• Figure 10 shows an example of call control for a three party conference call (with the conference call control entity located in a network node) and bearers in support of a single medium using centralised replication/combining functions. Note the distinction between call control signalling (between the party agents and the conference call control entity) and bearer control signalling (along the paths of the bearers).
  • Notwithstanding the fact that the conference call control entity can be located in one of the terminal equipments, the call control architecture is symmetrical, reflecting the fact that all parties in the conference are intrinsically equal (apart from any artificial limitations that might give certain privileges only to certain parties).
  • The conference call control entity is responsible for bearer coordination. For each medium, the conference control entity knows the parties that are to be involved, which parties are to receive only, which parties are to transmit only, and which parties are to transmit and receive. From knowledge of where appropriate replication and combining functions for the medium concerned can be provided (in terminal equipments or in particular network nodes) and knowledge of whether unidirectional point-to-multipoint bearers can be used to achieve replication, the conference call control entity can devise a suitable bearer connection topology. By communicating with the replication functions, the combining call control entity can issue instructions for the establishment and release of the necessary bearers.
  • Figure 11 shows the conference call control architecture of figure 8 superimposed onto the generalised bearer topology of figure 5. Bearer coordination signalling occurs between the conference call control entity and each of the party agents, between the conference call control entity and each of the replication functions, and between the conference call control entity and each of the combining functions. Bearer coordination signalling can cause the establishment of a unidirectional point-to-point bearer from each party agent to its corresponding replication function (for transmission of information by the party), from each replication function to each combining function and from each combining function to its corresponding party agent (for reception of information by the party).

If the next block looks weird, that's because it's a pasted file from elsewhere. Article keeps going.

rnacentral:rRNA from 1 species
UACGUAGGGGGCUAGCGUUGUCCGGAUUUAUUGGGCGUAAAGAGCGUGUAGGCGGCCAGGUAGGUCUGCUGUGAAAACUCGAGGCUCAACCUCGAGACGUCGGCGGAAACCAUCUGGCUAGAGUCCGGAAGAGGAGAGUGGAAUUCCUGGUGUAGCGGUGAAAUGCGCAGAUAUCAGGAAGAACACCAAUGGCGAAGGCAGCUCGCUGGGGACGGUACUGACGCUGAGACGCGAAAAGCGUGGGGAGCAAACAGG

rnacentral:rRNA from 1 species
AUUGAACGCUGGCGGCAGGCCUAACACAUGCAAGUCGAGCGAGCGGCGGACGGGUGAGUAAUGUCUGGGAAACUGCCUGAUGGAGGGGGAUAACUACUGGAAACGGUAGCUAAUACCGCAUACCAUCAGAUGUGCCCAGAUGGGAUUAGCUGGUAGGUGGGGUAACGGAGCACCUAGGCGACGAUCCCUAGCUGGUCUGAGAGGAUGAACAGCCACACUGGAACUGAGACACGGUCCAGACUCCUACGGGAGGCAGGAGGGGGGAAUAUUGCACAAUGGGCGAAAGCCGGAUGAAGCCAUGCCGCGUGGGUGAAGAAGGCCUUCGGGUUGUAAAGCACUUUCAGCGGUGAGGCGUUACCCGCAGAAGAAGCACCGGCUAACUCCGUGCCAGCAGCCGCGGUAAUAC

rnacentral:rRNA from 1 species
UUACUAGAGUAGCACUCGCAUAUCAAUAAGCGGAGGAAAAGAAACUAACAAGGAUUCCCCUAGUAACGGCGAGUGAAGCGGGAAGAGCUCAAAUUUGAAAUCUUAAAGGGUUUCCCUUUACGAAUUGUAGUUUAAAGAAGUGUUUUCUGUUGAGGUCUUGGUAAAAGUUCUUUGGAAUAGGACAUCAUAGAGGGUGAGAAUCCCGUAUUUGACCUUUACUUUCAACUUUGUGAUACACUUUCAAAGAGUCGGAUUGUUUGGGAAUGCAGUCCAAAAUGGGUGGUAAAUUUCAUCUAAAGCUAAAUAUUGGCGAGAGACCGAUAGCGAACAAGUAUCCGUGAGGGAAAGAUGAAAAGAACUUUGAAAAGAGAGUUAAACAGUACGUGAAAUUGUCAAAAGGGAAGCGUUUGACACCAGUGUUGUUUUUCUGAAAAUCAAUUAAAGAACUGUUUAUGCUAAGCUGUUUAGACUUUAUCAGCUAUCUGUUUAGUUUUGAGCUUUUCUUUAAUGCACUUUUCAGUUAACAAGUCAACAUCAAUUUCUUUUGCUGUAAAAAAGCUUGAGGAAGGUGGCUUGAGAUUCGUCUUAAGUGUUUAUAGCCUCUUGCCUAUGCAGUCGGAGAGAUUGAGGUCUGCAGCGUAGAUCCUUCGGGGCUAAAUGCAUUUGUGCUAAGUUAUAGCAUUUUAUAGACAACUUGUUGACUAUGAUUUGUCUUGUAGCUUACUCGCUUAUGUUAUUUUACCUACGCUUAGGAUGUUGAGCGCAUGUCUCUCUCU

• If use is made of a unidirectional point-to-multipoint bearer capability in the network, replication is achieved within the bearer and no separate replication functions are needed. This case is shown in figure 12. Bearer coordination signalling occurs between the conference call control entity and each of the party agents and between the conference call control entity and each of the combining functions. Bearer coordination signalling can cause the establishment of a unidirectional point-to-multipoint bearer from each party agent to each combining function (for transmission of information by the party) and from each combining function to its corresponding party agent (for reception of information by the party).
  • Bearer coordination signalling requires a signalling protocol if the two entities involved are located in different physical equipments, i.e. in two terminal equipments, in two different network nodes or in a terminal equipment and a network node. In certain cases the two entities involved can be collocated, in which case signalling is achieved internally to the equipment concerned and does not necessarily require a protocol.
  • Although figures 11 and 12 show the general cases, a simplified situation occurs if the replication and combining functions of figure 11 are collocated. This situation is shown in figure 13. Bearer coordination signalling occurs between the conference call control entity and each of the party agents and between the conference call entity and each of the replication/combining functions. Bearer coordination signalling can cause the establishment of a bidirectional point-to-point bearer from each party agent to its corresponding replication/combing function and from each replication/combining function to its corresponding party agent.
  • Figure 14 shows the special case where all the replication/combining functions of figure 13 are collocated (as, for example, with a conventional audio conference bridge). Bearer coordination signalling occurs between the conference call control entity and each of the party agents and between the conference call control entity and the replication/combining functions. Bearer coordination signalling can cause the establishment of a bidirectional point-to-point bearer from each party agent to the central replication/combining functions.
  • Figure 15 shows the special case where all the replication/combining functions of figure 13 are located in the terminal equipments (collocated with the party agents). Bearer coordination signalling occurs between the conference call control entity and each of the party agents/replication/combining functions. Bearer coordination signalling can cause the establishment of a bidirectional point-to-point bearer between each pair of terminal equipments.